from the loo package, the first function will provide the stacking weights which maximize the log score as described in your paper and the second function will provide the weights form the Pseudo-BMA+. Is that correct?

Thank you very much in advance.

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Yes! I just looked at the equation in your first post which is without +. Calling these by default is using +

Btw. as + is ambiguous, we are considering in the future to use terms LOO-SE-weights and LOO-BB-weights to clarify also whether normal approximation or Bayesian bootstrap is used to take into account the uncertainty. And more generally Kfold-SE/BB-weights or LFO-SE/BB-weights etc, to clarify which cross-validation is used.

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@avehtari Sorry for asking but I am now getting confused on how to use properly Pseudo-BMA+ with leave-future-out validation.

If I understand correctly, Pseudo-BMA+ takes into account the uncertainty caused by finite amounts of data. To cite Burkner et al. (2020) :

Second, there is uncertainty caused by finite amounts of data. For 1-step-ahead predictions, we can use an analogous approach to what is done in approximate LOO-CV by computing the standard error across the pointwise estimates for each observation (Vehtari et al., 2017). More generally, for M-step-ahead predictions, we can compute the standard error by using every Mth value which are then independent.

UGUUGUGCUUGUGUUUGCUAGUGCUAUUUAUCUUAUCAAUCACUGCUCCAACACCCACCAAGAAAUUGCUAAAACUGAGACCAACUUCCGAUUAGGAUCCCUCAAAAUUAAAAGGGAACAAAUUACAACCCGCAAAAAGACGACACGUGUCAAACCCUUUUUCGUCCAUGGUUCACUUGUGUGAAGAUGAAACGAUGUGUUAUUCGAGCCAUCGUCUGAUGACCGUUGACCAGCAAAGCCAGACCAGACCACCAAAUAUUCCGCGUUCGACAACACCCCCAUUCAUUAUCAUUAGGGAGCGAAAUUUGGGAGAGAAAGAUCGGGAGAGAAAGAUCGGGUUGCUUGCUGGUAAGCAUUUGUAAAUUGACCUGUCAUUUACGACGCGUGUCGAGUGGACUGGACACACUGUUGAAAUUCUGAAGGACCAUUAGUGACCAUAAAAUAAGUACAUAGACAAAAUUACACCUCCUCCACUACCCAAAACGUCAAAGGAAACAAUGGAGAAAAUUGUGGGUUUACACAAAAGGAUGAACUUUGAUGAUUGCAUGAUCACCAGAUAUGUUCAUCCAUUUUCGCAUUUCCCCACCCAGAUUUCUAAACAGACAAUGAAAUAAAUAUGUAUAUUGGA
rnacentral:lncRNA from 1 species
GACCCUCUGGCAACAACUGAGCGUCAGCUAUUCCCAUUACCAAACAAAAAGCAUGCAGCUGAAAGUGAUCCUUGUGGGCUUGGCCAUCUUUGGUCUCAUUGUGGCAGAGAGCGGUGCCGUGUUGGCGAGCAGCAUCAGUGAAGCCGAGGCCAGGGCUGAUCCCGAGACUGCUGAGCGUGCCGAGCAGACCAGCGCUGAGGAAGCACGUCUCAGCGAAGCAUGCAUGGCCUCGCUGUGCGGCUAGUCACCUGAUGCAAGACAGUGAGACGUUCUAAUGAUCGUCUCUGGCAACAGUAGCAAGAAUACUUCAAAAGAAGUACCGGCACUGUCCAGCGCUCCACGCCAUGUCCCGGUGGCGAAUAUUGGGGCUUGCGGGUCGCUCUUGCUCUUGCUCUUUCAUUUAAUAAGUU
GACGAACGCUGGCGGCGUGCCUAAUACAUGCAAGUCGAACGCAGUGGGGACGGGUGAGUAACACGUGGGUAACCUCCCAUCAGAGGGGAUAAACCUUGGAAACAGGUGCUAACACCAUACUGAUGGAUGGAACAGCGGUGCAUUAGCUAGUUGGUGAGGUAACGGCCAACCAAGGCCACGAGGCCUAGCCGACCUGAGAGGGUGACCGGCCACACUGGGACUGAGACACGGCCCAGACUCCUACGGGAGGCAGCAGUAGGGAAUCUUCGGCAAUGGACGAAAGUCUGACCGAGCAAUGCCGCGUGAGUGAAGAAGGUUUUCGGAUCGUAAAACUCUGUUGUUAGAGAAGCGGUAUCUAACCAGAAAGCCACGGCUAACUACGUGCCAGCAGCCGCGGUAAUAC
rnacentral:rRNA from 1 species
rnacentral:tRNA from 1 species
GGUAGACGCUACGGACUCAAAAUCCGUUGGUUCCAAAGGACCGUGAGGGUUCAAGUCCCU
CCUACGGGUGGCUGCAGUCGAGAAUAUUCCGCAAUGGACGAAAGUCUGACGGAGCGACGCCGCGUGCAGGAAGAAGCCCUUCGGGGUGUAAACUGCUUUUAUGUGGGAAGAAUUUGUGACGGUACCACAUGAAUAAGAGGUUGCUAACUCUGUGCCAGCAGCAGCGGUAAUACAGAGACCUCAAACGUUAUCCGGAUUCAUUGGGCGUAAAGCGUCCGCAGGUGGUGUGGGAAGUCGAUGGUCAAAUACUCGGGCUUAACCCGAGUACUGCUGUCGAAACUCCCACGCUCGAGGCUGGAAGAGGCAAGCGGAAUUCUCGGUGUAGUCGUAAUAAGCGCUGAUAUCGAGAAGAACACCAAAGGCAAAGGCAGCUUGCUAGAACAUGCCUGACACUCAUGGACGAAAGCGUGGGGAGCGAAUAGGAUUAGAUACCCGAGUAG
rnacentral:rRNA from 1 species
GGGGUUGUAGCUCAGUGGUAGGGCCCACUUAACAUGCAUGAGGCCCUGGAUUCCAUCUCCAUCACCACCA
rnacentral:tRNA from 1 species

In my example above, I split my 30 years of data in two: first 20 years to fit the model and last 10 years to determine the 10-year ahead forecast (= leave-future-out validation). If I understand correctly the quote, does it mean that I should compute the standard error by using the 10th-year point and 20th year point only ?

In my understanding, Pseudo-BMA+ cannot be used in this example because the elpd sums over 1-year, 2-year,â€¦ 10-year ahead forecasts. Therefore, the â€śstandard errorâ€ť of this sum would not really make sense.

Thank you very much in advance.

If I understood correctly you are splitting the data just in two parts, and thus you have just one prediction and you need more than one to compute the standard error.